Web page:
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Rights expert urges Denmark and Greenland to examine colonial legacy’s impact

Inuit children from Uummannaq in Greenland. (file)
UN Photo/Mark Garten
Inuit children from Uummannaq in Greenland. (file)

Rights expert urges Denmark and Greenland to examine colonial legacy’s impact

Human Rights

Denmark and Greenland must address the negative impact of a colonial legacy that has led to structural and systemic racial discrimination against the indigenous Inuit community, an independent expert appointed by the UN Human Rights Council said on Friday. 

The development would represent a key measure to tackle past injustices and create a more inclusive society, said UN Special Rapporteur on the rights of Indigenous Peoples, José Francisco Cali Tzay, in a statement at the end of a 10-day visit to the two countries. 

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Inuit people comprise nearly 90 per cent of the population of Greenland, an autonomous dependent territory of Denmark that was a colony up until 1953. 

They still face barriers to fully enjoying their human rights, according to Mr. Cali Tzay. 

Women forcibly sterilized 

“I was particularly appalled by the testimonies of Inuit women who reported that Danish healthcare providers had inserted intrauterine devices (IUDs) without their knowledge or consent. Some of them were as young as 12 years old," he said

Mr. Cali Tzay recalled reports of Inuit women living in Denmark whose children had been taken from them without their knowledge and consent and placed in Danish foster care.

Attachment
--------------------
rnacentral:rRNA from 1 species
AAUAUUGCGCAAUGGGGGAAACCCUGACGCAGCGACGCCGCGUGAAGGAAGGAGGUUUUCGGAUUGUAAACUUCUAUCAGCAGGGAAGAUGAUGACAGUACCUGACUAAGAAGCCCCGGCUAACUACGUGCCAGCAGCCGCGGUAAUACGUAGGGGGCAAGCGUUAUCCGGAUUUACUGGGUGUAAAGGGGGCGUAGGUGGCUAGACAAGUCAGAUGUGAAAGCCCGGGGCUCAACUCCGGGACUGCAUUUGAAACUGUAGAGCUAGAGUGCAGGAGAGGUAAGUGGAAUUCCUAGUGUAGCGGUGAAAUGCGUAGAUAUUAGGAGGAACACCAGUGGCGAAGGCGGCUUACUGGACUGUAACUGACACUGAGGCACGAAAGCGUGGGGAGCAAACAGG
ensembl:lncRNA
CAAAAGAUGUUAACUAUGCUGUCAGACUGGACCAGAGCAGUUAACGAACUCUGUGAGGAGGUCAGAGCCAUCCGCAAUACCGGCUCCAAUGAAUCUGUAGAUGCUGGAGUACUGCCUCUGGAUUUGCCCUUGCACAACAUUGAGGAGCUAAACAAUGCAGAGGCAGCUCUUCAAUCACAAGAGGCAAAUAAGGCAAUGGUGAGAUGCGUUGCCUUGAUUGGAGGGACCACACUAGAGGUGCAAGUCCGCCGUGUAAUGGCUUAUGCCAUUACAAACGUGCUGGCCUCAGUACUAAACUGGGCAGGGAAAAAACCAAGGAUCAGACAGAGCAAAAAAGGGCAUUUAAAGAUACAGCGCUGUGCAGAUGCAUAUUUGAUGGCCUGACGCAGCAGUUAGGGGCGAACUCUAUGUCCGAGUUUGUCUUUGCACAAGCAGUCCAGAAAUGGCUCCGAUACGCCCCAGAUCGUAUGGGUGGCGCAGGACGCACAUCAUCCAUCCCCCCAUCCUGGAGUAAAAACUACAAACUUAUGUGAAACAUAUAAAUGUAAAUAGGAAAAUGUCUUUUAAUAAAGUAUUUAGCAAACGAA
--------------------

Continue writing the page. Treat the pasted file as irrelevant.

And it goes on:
He urged Denmark to review its procedures for assessing out-of-home care for Inuit children and address structural bias within care services. 

Abuse, poverty and suicide 

Meanwhile, Greenland still faces numerous social challenges that relate to poverty and lack of adequate housing, appropriate quality education and scarce mental health support, he added.  

“Around 20 percent of children in Greenland are estimated to have been exposed to violence and sexual abuse,” he said, adding that the country has one of the highest suicide rates in the world. 

During his mission, the Special Rapporteur observed a lack of established mechanisms to implement the Inuit people’s right to free, prior, and informed consent, including when allocating tourism concessions, implementing business projects, and adopting legislative and administrative acts in Greenland. 

Consult Inuit people 

“I urge Greenland's government to consult with the Inuit people whose traditional livelihoods will be directly affected by plans to expand mining, tourism and infrastructure,’’ the UN expert said. 

He also hailed Greenland's extensive self-governance as “an inspiring example of an indigenous self-government in practice and a peaceful process towards self-determination for Indigenous peoples worldwide.’’  

About UN Rapporteurs 

Special Rapporteurs like Mr. Cali Tzay receive their mandates from the UN Human Rights Council, which is based in Geneva. 

They are appointed to monitor and report on either specific thematic issues or country situations. 

These experts operate in their individual capacity and are independent from any government or organization. 

They are not UN staff and do not receive a salary for their work.